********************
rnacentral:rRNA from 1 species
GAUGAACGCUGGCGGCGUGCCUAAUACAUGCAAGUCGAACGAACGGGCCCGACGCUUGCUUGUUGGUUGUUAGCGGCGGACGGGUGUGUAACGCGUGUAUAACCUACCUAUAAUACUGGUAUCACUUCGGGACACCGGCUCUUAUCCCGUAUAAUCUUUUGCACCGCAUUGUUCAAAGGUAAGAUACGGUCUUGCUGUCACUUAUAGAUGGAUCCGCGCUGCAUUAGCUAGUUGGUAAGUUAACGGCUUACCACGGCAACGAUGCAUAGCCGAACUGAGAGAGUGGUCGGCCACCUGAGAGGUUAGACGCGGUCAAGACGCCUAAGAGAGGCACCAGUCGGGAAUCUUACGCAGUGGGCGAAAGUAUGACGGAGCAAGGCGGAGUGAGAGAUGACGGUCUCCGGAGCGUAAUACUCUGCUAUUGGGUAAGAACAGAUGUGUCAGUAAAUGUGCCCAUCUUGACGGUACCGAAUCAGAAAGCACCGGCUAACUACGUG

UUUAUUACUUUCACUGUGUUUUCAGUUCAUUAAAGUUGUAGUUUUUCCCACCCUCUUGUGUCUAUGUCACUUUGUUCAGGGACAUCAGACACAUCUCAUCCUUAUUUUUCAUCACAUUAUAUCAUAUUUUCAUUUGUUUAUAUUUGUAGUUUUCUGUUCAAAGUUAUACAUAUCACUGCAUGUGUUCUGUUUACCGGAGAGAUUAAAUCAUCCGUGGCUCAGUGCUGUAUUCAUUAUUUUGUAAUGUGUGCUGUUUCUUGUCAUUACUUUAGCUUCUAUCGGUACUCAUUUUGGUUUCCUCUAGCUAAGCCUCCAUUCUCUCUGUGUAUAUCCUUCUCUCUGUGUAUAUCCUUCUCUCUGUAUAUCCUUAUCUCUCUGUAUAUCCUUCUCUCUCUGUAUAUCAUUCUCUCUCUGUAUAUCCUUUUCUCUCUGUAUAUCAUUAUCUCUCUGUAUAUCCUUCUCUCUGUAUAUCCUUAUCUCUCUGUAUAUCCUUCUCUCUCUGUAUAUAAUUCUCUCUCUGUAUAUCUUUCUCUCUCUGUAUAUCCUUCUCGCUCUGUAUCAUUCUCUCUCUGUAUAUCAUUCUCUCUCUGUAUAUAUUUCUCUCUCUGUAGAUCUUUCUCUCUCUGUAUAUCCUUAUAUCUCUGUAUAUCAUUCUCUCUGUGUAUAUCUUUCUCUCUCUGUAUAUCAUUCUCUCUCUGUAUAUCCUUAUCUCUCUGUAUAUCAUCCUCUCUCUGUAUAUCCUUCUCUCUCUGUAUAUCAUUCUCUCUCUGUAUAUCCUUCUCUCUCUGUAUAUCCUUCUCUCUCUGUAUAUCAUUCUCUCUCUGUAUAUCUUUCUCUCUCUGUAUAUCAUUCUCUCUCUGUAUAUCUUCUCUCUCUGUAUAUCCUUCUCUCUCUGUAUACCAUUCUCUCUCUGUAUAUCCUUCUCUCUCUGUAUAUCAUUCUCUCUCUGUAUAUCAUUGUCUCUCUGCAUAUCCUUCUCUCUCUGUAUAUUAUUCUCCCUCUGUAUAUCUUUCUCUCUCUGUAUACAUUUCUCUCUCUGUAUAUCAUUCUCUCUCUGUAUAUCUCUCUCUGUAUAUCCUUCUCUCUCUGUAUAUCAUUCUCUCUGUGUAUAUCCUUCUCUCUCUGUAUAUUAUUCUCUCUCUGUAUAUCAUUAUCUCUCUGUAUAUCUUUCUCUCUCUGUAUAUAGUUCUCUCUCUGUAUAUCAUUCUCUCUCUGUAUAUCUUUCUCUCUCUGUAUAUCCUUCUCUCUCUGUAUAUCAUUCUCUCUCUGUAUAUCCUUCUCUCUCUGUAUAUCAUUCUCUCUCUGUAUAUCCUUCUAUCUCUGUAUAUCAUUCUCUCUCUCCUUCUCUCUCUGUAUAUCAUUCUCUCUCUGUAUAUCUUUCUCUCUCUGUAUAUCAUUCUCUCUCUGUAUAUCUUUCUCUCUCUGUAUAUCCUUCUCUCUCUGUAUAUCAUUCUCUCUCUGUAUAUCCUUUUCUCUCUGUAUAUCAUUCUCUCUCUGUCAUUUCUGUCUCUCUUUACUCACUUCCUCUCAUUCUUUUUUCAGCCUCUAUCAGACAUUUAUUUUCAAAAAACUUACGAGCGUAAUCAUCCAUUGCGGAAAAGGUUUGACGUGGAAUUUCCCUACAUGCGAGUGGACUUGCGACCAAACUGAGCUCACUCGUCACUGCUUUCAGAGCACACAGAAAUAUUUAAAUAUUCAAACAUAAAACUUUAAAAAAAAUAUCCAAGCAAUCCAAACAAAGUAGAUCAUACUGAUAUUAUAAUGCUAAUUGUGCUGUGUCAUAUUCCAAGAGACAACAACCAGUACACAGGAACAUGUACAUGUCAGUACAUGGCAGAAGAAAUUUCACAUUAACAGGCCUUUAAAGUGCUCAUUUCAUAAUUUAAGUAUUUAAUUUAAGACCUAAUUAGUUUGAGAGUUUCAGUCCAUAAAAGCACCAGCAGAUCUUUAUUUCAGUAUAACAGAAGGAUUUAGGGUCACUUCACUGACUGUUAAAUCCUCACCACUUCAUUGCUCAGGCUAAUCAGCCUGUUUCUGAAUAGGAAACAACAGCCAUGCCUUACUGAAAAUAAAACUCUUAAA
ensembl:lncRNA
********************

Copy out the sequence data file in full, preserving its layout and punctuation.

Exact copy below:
rnacentral:rRNA from 1 species
GAUGAACGCUGGCGGCGUGCCUAAUACAUGCAAGUCGAACGAACGGGCCCGACGCUUGCUUGUUGGUUGUUAGCGGCGGACGGGUGUGUAACGCGUGUAUAACCUACCUAUAAUACUGGUAUCACUUCGGGACACCGGCUCUUAUCCCGUAUAAUCUUUUGCACCGCAUUGUUCAAAGGUAAGAUACGGUCUUGCUGUCACUUAUAGAUGGAUCCGCGCUGCAUUAGCUAGUUGGUAAGUUAACGGCUUACCACGGCAACGAUGCAUAGCCGAACUGAGAGAGUGGUCGGCCACCUGAGAGGUUAGACGCGGUCAAGACGCCUAAGAGAGGCACCAGUCGGGAAUCUUACGCAGUGGGCGAAAGUAUGACGGAGCAAGGCGGAGUGAGAGAUGACGGUCUCCGGAGCGUAAUACUCUGCUAUUGGGUAAGAACAGAUGUGUCAGUAAAUGUGCCCAUCUUGACGGUACCGAAUCAGAAAGCACCGGCUAACUACGUG

UUUAUUACUUUCACUGUGUUUUCAGUUCAUUAAAGUUGUAGUUUUUCCCACCCUCUUGUGUCUAUGUCACUUUGUUCAGGGACAUCAGACACAUCUCAUCCUUAUUUUUCAUCACAUUAUAUCAUAUUUUCAUUUGUUUAUAUUUGUAGUUUUCUGUUCAAAGUUAUACAUAUCACUGCAUGUGUUCUGUUUACCGGAGAGAUUAAAUCAUCCGUGGCUCAGUGCUGUAUUCAUUAUUUUGUAAUGUGUGCUGUUUCUUGUCAUUACUUUAGCUUCUAUCGGUACUCAUUUUGGUUUCCUCUAGCUAAGCCUCCAUUCUCUCUGUGUAUAUCCUUCUCUCUGUGUAUAUCCUUCUCUCUGUAUAUCCUUAUCUCUCUGUAUAUCCUUCUCUCUCUGUAUAUCAUUCUCUCUCUGUAUAUCCUUUUCUCUCUGUAUAUCAUUAUCUCUCUGUAUAUCCUUCUCUCUGUAUAUCCUUAUCUCUCUGUAUAUCCUUCUCUCUCUGUAUAUAAUUCUCUCUCUGUAUAUCUUUCUCUCUCUGUAUAUCCUUCUCGCUCUGUAUCAUUCUCUCUCUGUAUAUCAUUCUCUCUCUGUAUAUAUUUCUCUCUCUGUAGAUCUUUCUCUCUCUGUAUAUCCUUAUAUCUCUGUAUAUCAUUCUCUCUGUGUAUAUCUUUCUCUCUCUGUAUAUCAUUCUCUCUCUGUAUAUCCUUAUCUCUCUGUAUAUCAUCCUCUCUCUGUAUAUCCUUCUCUCUCUGUAUAUCAUUCUCUCUCUGUAUAUCCUUCUCUCUCUGUAUAUCCUUCUCUCUCUGUAUAUCAUUCUCUCUCUGUAUAUCUUUCUCUCUCUGUAUAUCAUUCUCUCUCUGUAUAUCUUCUCUCUCUGUAUAUCCUUCUCUCUCUGUAUACCAUUCUCUCUCUGUAUAUCCUUCUCUCUCUGUAUAUCAUUCUCUCUCUGUAUAUCAUUGUCUCUCUGCAUAUCCUUCUCUCUCUGUAUAUUAUUCUCCCUCUGUAUAUCUUUCUCUCUCUGUAUACAUUUCUCUCUCUGUAUAUCAUUCUCUCUCUGUAUAUCUCUCUCUGUAUAUCCUUCUCUCUCUGUAUAUCAUUCUCUCUGUGUAUAUCCUUCUCUCUCUGUAUAUUAUUCUCUCUCUGUAUAUCAUUAUCUCUCUGUAUAUCUUUCUCUCUCUGUAUAUAGUUCUCUCUCUGUAUAUCAUUCUCUCUCUGUAUAUCUUUCUCUCUCUGUAUAUCCUUCUCUCUCUGUAUAUCAUUCUCUCUCUGUAUAUCCUUCUCUCUCUGUAUAUCAUUCUCUCUCUGUAUAUCCUUCUAUCUCUGUAUAUCAUUCUCUCUCUCCUUCUCUCUCUGUAUAUCAUUCUCUCUCUGUAUAUCUUUCUCUCUCUGUAUAUCAUUCUCUCUCUGUAUAUCUUUCUCUCUCUGUAUAUCCUUCUCUCUCUGUAUAUCAUUCUCUCUCUGUAUAUCCUUUUCUCUCUGUAUAUCAUUCUCUCUCUGUCAUUUCUGUCUCUCUUUACUCACUUCCUCUCAUUCUUUUUUCAGCCUCUAUCAGACAUUUAUUUUCAAAAAACUUACGAGCGUAAUCAUCCAUUGCGGAAAAGGUUUGACGUGGAAUUUCCCUACAUGCGAGUGGACUUGCGACCAAACUGAGCUCACUCGUCACUGCUUUCAGAGCACACAGAAAUAUUUAAAUAUUCAAACAUAAAACUUUAAAAAAAAUAUCCAAGCAAUCCAAACAAAGUAGAUCAUACUGAUAUUAUAAUGCUAAUUGUGCUGUGUCAUAUUCCAAGAGACAACAACCAGUACACAGGAACAUGUACAUGUCAGUACAUGGCAGAAGAAAUUUCACAUUAACAGGCCUUUAAAGUGCUCAUUUCAUAAUUUAAGUAUUUAAUUUAAGACCUAAUUAGUUUGAGAGUUUCAGUCCAUAAAAGCACCAGCAGAUCUUUAUUUCAGUAUAACAGAAGGAUUUAGGGUCACUUCACUGACUGUUAAAUCCUCACCACUUCAUUGCUCAGGCUAAUCAGCCUGUUUCUGAAUAGGAAACAACAGCCAUGCCUUACUGAAAAUAAAACUCUUAAA
ensembl:lncRNA